Bisphenol A (BPA) is an industrial plasticizer widely found in consumer products such as plastic bottles and canned foods. Human and murine studies have shown strong associations between prenatal exposures to endocrine disruptors such as BPA during early development and the prevalence of various diseases including cardiovascular diseases, type 2 diabetes, and obesity. Previous studies have found that the liver tissue is a sensitive BPA target site, and BPA alters the microbial diversity in exposed mice. To understand whether and how the gut microbiome mediates the effects of BPA on liver gene expression to influence metabolic phenotypes, we conducted a multi-dimensional systems biology study. We treated pregnant C57BL/6 mice with a low dose of BPA at 5ug/kg/day during gestation and evaluated metabolic phenotypes, fecal microbial composition and liver transcriptome of both male and female offspring. Prenatal exposure to low dose BPA significantly not only affected liver genes involved in oxidative phosphorylation, PPAR signaling and fatty acid metabolism, but also affected the gut microbial composition in an age-dependent manner, with the most pronounced effect observed at week 20. Bacteria belonging to the S24-7 and Lachnospiraceae families were correlated to offspring body weight and differentially expressed liver genes such as Fabp1, Acadl and Dgat1. This study provides insights into the relationship between gut bacteria and host liver genes that could contribute to metabolic disease risks upon BPA exposure. Future studies will test whether the gut microbiota identified in this study play a direct causal role on the host genomic and phenotypic responses using fecal transplant and bacteria colonization experiments.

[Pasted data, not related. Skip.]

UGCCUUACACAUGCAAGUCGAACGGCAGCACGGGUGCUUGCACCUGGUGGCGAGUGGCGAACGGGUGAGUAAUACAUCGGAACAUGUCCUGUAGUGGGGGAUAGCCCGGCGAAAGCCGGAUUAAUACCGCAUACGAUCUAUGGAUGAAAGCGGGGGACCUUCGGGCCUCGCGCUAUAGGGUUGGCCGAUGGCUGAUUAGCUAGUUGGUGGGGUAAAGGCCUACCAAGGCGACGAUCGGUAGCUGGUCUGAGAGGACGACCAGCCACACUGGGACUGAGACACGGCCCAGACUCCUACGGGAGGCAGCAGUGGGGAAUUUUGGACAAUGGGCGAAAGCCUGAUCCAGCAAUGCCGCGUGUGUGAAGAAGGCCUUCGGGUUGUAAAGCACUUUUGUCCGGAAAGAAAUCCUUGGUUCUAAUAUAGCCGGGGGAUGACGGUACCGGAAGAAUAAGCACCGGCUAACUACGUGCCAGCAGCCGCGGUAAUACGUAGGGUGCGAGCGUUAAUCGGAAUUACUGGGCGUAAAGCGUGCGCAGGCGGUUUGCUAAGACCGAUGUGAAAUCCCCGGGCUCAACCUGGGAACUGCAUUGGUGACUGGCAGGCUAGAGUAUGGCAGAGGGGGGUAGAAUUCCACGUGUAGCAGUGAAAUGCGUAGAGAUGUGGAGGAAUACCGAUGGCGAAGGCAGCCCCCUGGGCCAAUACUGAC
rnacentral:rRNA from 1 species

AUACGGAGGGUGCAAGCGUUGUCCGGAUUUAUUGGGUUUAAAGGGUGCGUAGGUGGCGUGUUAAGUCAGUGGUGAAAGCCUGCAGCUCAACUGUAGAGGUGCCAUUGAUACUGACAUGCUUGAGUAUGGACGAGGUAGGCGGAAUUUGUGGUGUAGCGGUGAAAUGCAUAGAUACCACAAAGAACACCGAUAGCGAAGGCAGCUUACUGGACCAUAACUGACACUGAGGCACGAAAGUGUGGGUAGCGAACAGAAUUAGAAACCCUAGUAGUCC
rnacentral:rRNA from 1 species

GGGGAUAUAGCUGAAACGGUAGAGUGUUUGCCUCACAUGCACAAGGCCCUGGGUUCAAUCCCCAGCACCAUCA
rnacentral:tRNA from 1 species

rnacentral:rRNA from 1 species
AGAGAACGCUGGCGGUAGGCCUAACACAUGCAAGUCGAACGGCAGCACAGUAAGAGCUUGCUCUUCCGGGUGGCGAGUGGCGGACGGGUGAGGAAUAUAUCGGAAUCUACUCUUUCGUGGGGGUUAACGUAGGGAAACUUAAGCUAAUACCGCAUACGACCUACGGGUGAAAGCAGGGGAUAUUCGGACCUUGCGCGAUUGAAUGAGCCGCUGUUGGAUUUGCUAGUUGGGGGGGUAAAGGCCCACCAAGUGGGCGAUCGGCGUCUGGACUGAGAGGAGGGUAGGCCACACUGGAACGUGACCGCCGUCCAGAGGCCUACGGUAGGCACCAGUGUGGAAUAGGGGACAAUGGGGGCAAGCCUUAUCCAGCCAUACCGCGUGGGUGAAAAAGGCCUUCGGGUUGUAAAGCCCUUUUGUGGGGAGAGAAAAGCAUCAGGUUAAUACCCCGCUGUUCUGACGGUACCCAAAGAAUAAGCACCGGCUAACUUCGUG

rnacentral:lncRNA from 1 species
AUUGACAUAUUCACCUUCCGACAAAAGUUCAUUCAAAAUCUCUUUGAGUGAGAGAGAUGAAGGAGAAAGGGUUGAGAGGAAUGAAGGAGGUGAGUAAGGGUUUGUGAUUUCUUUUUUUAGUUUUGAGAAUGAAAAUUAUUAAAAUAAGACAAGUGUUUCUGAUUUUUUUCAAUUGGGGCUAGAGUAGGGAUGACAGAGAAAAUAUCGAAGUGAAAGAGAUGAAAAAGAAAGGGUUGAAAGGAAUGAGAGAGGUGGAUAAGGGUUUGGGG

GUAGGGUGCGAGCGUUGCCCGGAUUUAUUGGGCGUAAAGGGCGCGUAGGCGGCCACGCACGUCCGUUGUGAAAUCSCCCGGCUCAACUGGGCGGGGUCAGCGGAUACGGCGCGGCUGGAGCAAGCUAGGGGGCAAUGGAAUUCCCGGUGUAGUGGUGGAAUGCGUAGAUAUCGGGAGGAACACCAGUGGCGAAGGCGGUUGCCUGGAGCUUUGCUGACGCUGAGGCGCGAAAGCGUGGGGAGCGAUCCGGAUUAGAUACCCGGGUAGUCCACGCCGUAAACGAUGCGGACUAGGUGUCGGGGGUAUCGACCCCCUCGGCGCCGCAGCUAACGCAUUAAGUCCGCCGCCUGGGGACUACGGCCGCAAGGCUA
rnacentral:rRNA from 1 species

G. Diamante: None. I.C. Cely: None. J. Lang: None. A. Bline: None. Z.O. Zamora: None. M. Singh: None. A. Lusis: None. X. Yang: None.
American Diabetes Association (1-19-PDF-007-R to G.D.)